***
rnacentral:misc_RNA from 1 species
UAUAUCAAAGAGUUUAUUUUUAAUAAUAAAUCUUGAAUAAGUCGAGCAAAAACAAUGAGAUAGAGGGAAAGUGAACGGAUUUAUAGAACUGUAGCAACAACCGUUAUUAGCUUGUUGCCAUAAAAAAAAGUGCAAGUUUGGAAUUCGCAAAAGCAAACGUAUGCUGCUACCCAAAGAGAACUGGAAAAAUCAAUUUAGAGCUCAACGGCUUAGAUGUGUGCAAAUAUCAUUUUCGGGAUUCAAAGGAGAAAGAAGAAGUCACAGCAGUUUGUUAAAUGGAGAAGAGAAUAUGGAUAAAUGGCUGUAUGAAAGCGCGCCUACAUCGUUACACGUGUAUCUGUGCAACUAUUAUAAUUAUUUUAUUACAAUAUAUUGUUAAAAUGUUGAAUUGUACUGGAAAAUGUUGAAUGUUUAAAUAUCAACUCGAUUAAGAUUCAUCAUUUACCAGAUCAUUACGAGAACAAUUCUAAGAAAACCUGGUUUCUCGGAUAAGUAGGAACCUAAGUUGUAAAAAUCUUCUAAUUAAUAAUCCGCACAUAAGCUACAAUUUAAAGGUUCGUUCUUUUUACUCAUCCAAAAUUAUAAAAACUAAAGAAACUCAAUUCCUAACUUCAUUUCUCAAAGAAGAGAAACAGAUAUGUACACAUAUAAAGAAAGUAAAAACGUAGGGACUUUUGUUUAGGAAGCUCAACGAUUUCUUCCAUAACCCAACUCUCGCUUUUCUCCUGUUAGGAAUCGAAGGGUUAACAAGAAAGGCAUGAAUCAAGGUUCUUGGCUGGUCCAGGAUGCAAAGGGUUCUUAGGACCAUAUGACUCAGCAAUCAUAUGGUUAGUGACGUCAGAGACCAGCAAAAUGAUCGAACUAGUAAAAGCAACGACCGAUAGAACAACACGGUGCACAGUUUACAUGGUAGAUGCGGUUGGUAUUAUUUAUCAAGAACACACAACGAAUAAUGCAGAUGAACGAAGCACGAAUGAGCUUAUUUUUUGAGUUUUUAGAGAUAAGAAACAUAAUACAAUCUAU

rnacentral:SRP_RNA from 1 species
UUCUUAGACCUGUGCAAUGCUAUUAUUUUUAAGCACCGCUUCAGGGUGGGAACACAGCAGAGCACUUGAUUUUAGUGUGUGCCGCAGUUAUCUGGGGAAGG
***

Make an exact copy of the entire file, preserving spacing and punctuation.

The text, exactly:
rnacentral:misc_RNA from 1 species
UAUAUCAAAGAGUUUAUUUUUAAUAAUAAAUCUUGAAUAAGUCGAGCAAAAACAAUGAGAUAGAGGGAAAGUGAACGGAUUUAUAGAACUGUAGCAACAACCGUUAUUAGCUUGUUGCCAUAAAAAAAAGUGCAAGUUUGGAAUUCGCAAAAGCAAACGUAUGCUGCUACCCAAAGAGAACUGGAAAAAUCAAUUUAGAGCUCAACGGCUUAGAUGUGUGCAAAUAUCAUUUUCGGGAUUCAAAGGAGAAAGAAGAAGUCACAGCAGUUUGUUAAAUGGAGAAGAGAAUAUGGAUAAAUGGCUGUAUGAAAGCGCGCCUACAUCGUUACACGUGUAUCUGUGCAACUAUUAUAAUUAUUUUAUUACAAUAUAUUGUUAAAAUGUUGAAUUGUACUGGAAAAUGUUGAAUGUUUAAAUAUCAACUCGAUUAAGAUUCAUCAUUUACCAGAUCAUUACGAGAACAAUUCUAAGAAAACCUGGUUUCUCGGAUAAGUAGGAACCUAAGUUGUAAAAAUCUUCUAAUUAAUAAUCCGCACAUAAGCUACAAUUUAAAGGUUCGUUCUUUUUACUCAUCCAAAAUUAUAAAAACUAAAGAAACUCAAUUCCUAACUUCAUUUCUCAAAGAAGAGAAACAGAUAUGUACACAUAUAAAGAAAGUAAAAACGUAGGGACUUUUGUUUAGGAAGCUCAACGAUUUCUUCCAUAACCCAACUCUCGCUUUUCUCCUGUUAGGAAUCGAAGGGUUAACAAGAAAGGCAUGAAUCAAGGUUCUUGGCUGGUCCAGGAUGCAAAGGGUUCUUAGGACCAUAUGACUCAGCAAUCAUAUGGUUAGUGACGUCAGAGACCAGCAAAAUGAUCGAACUAGUAAAAGCAACGACCGAUAGAACAACACGGUGCACAGUUUACAUGGUAGAUGCGGUUGGUAUUAUUUAUCAAGAACACACAACGAAUAAUGCAGAUGAACGAAGCACGAAUGAGCUUAUUUUUUGAGUUUUUAGAGAUAAGAAACAUAAUACAAUCUAU

rnacentral:SRP_RNA from 1 species
UUCUUAGACCUGUGCAAUGCUAUUAUUUUUAAGCACCGCUUCAGGGUGGGAACACAGCAGAGCACUUGAUUUUAGUGUGUGCCGCAGUUAUCUGGGGAAGG